Tuesday, February 1, 2011

A little girl in a pink dress


Sometimes you wake up knowing that this day will somehow be very different; that by the end of it something will have changed. That day was Wednesday, January 26th, 2011. We woke up to another amazing morning at the Kibirango farm. It is beautiful, rivaling any rural country landscape in America. However, the intense green and lush countryside belie the utter poverty and desperation that is so prevalent in Uganda.

On Wednesday we loaded into the van to begin our visits with several widows and their children. Along for the ride were Maggie (a social worker), Dennis (17yo son of a widow we would soon meet), & Maggie, a little 6 year old girl in a crisp pink dress (Dennis’ little sister).

As we drove, Maggie sat in the middle seat, with Jesca. Dawn & I were in the back. Every now and then she would shyly turn around to look at us and we would wave at her and smile. She seemed very interested in the both of us and of course we couldn’t help but stare at her beautiful face. Her deep brown eyes were mesmerizing and I was certain they had seen far more than any 6yo eyes should ever witness. Her little mouth did not smile. As hard as I tried to coax one out of her, it didn’t work and I wondered if she had ever had reason to.

When the van arrived at our first stop, Maggie & her brother walked us through an ally to a row of mud rooms, one of which they called home. There was a fabric curtain hanging in the doorway, the only thing keeping the outside world outside. Maggie and Dennis came in the house and sat with us as we visited with their mother, Robina, an HIV+ widow and her other 2 children, one who was also HIV+. The room was approximately 7’x7’, entirely of mud with a piece of linoleum covering the floor. There was a small bed behind a hanging piece of fabric, a bench, and a small double shelf inside. Stacked wherever possible were their water cans and other belongings. We visited for a while, listening to Robina tell her story, asking questions, taking pictures, and praying for the family. I began to see perhaps why Maggie seemed so reluctant to smile.

On the walk back to the van Maggie took my hand and was fascinated by the tattoo on my wrist (2Cor 5:17). She ran her fingers over it and turned my wrist to see the other side, tracing the tattooed vines with her finger. Again she sat in the middle seat and Dawn & I in the back. I reached over to touch her on the nose and she held my hand. She didn’t let go and as I reached over with the other hand she wrapped my arm around her chest. That’s how we rode to the next stop, Maggie & I holding hands. She looked back at me with a contented little sort-of-grin. Not quite a smile, but the corners of her mouth definitely turning up ever so slightly. Or was that my hopeful imagination?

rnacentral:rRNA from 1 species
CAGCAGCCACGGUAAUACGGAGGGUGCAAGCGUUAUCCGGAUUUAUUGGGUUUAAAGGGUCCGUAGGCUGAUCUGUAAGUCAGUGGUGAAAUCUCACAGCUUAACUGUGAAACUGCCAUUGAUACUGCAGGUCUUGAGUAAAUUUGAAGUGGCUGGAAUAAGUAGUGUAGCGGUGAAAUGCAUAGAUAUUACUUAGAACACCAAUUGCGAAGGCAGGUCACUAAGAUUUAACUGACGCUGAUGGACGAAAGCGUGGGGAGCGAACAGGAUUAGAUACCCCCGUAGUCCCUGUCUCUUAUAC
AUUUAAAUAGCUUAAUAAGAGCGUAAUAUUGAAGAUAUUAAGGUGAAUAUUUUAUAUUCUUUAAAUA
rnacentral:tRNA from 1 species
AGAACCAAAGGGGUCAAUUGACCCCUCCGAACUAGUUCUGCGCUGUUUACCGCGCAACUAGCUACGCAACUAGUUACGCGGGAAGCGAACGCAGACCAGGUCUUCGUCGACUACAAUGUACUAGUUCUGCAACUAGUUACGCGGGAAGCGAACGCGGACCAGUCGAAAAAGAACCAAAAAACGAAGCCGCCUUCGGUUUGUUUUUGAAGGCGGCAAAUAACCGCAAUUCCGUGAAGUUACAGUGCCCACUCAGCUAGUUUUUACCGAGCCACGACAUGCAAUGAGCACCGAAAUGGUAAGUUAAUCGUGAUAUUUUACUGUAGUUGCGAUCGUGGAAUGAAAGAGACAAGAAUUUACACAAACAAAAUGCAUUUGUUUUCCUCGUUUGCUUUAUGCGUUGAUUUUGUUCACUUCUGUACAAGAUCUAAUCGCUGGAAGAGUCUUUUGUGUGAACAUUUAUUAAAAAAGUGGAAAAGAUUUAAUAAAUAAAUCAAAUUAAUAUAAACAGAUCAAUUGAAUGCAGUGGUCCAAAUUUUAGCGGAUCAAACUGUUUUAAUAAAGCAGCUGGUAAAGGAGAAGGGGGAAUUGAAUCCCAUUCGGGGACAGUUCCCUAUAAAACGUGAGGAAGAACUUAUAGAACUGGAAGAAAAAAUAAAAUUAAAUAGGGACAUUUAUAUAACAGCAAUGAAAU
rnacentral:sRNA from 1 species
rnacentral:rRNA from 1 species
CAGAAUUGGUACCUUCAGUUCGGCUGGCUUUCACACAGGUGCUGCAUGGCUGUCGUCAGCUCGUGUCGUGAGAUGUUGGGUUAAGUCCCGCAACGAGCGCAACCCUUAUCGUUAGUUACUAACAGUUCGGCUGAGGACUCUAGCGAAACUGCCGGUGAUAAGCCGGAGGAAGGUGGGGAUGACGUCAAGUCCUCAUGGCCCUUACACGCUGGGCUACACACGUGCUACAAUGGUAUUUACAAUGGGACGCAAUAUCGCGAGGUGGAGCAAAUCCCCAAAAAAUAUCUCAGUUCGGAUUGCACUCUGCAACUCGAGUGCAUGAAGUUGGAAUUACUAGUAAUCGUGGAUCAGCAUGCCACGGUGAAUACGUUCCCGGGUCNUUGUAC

We learned that Maggie attends school at Victors Junior Christian School and that she did not currently have a sponsor. Dawn & I looked at each other and it was clear that we both had the same thought at the exact same moment……”She does now!”

Maggie walked hand-in-hand with me to the 2nd house and sat beside me while we visited and prayed. Once we were back in the van Maggie sat beside me and I wrapped her in my arms. She again held my hands and gazed up at me. I tried to make her laugh by making silly faces and slowly but surely she began to mimic each one. Dawn took a series of pictures we call “The Faces of Maggie”.

Every once in a while I thought just maybe I saw a slight grin. She again walked with me, holding my hand, to the 3rd home and sat in my lap as we visited. I think she was almost as taken with me as I was with her. As I sat there I couldn’t help but think about my son, Clyde, and how different his life is from Maggie’s. I felt very sad to think Maggie probably didn’t have anyone who gave her “eyelash tickles” at bedtime or read her favorite story in bed.


Sweet Maggie. The little girl in the pink dress who changed so much for me. If I could have packed her in my suitcase and brought her home I would have done so in a heartbeat. I think of her every day and cannot help but cry as I remember her sweet face and the difficulties that are her reality. I can’t help but wonder what her every day is like.

Beautiful Maggie. I didn’t get to say goodbye to her on the Friday before we left. I looked around the school grounds hoping to see her, but she wasn’t there. I left Uganda that day with a Maggie-shaped hole in my heart. It’s an aching space that is filled only by the knowledge that God loves her so very much and has a plan for her. I pray that His plan includes bringing me to see Maggie again someday.

“For I know the plans I have for you,” declares the Lord, “plans to prosper you and not to harm you, plans to give you hope and a future.” Jeremiah 29:11

5 comments:

  1. I second that. I was in tears through most of that. You are such a beautiful and inspirational person! I am blessed to know you.

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  2. I love your post and can't wait to continue following your journey!!! xoxo

    Kari
    www.mycrazyadoption.com

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  3. Tears...not sure if they are happy or sad... you are such a wonderful writer that I feel as though I have a "Maggie-shaped" hole as well. Beautiful story and so glad that the two of you are sharing your stories with us ;)

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